Losing teeth can do more than affect the ability to enjoy a fresh, crunchy apple or flash a healthy smile. Research suggests that tooth loss – a marker for periodontal (gum) disease – may predict rheumatoid arthritis and its severity. 

In the study of 636 patients with early arthritis, presented at the 2012 European Congress of Rheumatology in Berlin, 24.2 percent had 10 or fewer teeth, 16.1 percent had 11 to 20, 36.3 percent had 21 to 27 teeth, and 23.3 percent had 28 or more teeth. (A full set of adult teeth, including wisdom teeth, numbers 32.)

At six months’ follow-up, 52 percent had a good response to treatment, 32 percent had a moderate response and 16 had no response. The worst prognosis was for those with the fewest teeth. People with 10 or fewer teeth had more severe arthritis – evidenced by a significantly greater erythrocyte sedimentation rate, higher tender and swollen joint counts, and a higher Disease Activity Score – than those with more than 10 teeth. 

In a separate study presented at the same meeting, Italian researchers reported that tooth loss was associated with joint symptoms in a group of 366 first-degree relatives of people with RA. Participants with one or more swollen joints had an average of 26 teeth, compared with an average of 29 teeth for those with no swollen joints. The fewer the teeth participants had the greater their risk for joint inflammation, the researchers found. Patients with fewer than 20 teeth had eight times the risk of having at least one swollen joint compared to those with all 32 original teeth.

In addition, a 2012 study published in the Annals of Rheumatic Disease showed that the 1.5 million people with RA are up to four times more likely to develop gum disease than people without RA, and that the gum disease also appears to be more severe among people with RA.

The Mouth-Joint Connection

These studies joined the growing body of research linking periodontal disease and rheumatoid arthritis. While research hasn’t proven a cause and effect, increasingly it is showing that periodontal disease in people with RA doesn’t always come after RA – in some cases it precedes it, says Jerry Molitor, MD, PhD, associate professor in the rheumatic and autoimmune disease division of the department of medicine at the University of Minnesota, Minneapolis.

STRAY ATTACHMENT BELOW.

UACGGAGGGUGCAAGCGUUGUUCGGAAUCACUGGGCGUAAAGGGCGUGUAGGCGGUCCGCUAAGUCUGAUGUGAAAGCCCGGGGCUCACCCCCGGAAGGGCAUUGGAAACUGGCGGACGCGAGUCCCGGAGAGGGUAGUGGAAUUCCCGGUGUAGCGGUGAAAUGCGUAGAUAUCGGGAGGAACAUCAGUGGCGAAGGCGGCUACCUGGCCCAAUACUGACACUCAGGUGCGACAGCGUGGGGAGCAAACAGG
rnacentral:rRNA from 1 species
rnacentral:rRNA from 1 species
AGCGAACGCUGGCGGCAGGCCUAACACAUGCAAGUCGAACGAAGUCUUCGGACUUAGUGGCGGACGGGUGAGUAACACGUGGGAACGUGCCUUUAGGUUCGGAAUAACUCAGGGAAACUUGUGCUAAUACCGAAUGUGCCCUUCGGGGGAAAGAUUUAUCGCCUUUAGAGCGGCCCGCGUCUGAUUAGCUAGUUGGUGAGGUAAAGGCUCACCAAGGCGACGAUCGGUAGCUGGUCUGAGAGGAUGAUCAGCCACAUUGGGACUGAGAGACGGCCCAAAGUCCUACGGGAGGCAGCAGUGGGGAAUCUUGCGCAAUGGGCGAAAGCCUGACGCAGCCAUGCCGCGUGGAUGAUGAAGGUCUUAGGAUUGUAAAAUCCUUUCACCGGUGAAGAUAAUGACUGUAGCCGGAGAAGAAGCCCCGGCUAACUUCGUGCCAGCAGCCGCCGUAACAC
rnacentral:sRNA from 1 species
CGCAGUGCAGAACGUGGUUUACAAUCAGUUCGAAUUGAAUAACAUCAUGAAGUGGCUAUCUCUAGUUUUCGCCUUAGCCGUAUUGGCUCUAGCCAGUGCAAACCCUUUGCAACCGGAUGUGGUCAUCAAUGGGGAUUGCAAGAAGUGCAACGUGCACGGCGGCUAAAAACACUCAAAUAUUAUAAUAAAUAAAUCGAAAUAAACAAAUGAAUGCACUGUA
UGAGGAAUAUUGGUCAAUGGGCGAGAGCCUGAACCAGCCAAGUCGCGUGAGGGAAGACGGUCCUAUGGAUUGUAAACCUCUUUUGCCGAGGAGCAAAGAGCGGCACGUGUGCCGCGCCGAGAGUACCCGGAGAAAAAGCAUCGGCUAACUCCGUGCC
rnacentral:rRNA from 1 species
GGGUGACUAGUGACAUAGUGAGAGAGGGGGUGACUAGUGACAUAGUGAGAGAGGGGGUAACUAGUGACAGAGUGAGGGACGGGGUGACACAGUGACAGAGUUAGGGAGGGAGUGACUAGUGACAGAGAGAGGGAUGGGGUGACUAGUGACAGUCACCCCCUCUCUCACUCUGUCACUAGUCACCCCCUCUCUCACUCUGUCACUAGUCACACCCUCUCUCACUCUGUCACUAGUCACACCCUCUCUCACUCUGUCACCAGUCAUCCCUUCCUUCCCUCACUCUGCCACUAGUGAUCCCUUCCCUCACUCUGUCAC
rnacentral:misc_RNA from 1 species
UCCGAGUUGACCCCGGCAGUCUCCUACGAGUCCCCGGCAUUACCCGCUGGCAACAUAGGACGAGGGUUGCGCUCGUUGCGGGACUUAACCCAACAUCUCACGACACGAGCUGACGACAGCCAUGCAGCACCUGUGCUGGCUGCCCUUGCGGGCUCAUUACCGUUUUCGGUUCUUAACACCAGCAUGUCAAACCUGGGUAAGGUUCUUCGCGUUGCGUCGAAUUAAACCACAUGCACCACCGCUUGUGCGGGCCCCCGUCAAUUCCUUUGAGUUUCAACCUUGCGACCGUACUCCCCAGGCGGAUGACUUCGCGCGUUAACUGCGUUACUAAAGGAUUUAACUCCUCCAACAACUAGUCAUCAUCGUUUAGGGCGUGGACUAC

Researchers studying the RA-periodontal disease connection have found likenesses in the joint and oral tissues, as well as in the inflammatory processes that affect them.

“If you look at the tissues of the mouth in periodontitis and the tissues of the joint in RA, there are a number of similarities – including the types of cells that are infiltrating tissues of the mouth in periodontitis and the tissue of the joint,” says Clifton O. Bingham III, MD, associate professor of medicine and director of the Johns Hopkins Arthritis Center at Johns Hopkins University in Baltimore. He also notes that the levels of proinflammatory proteins like tumor necrosis factor, interleukin-1 and interleukin-6 are also similar in RA and periodontitis. 

Research has also shown a genetic link between the two. In a study published in  Journal of Periodontology, scientists in Israel found HLA-DR4 – a gene that occurs more frequently in people with rheumatoid arthritis – in 8 out of 10 patients with severe, aggressive gum disease, compared to just a little over a third of a group of patients without RA.       

Such findings led doctors to believe that there may in fact be a relationship between the two driven by an underlying disease process, says Dr. Bingham.

A potential advance in the understanding of that disease process came around a decade ago when scientists began to understand that one of the early markers of RA is the development of antibodies to citrullinated peptides.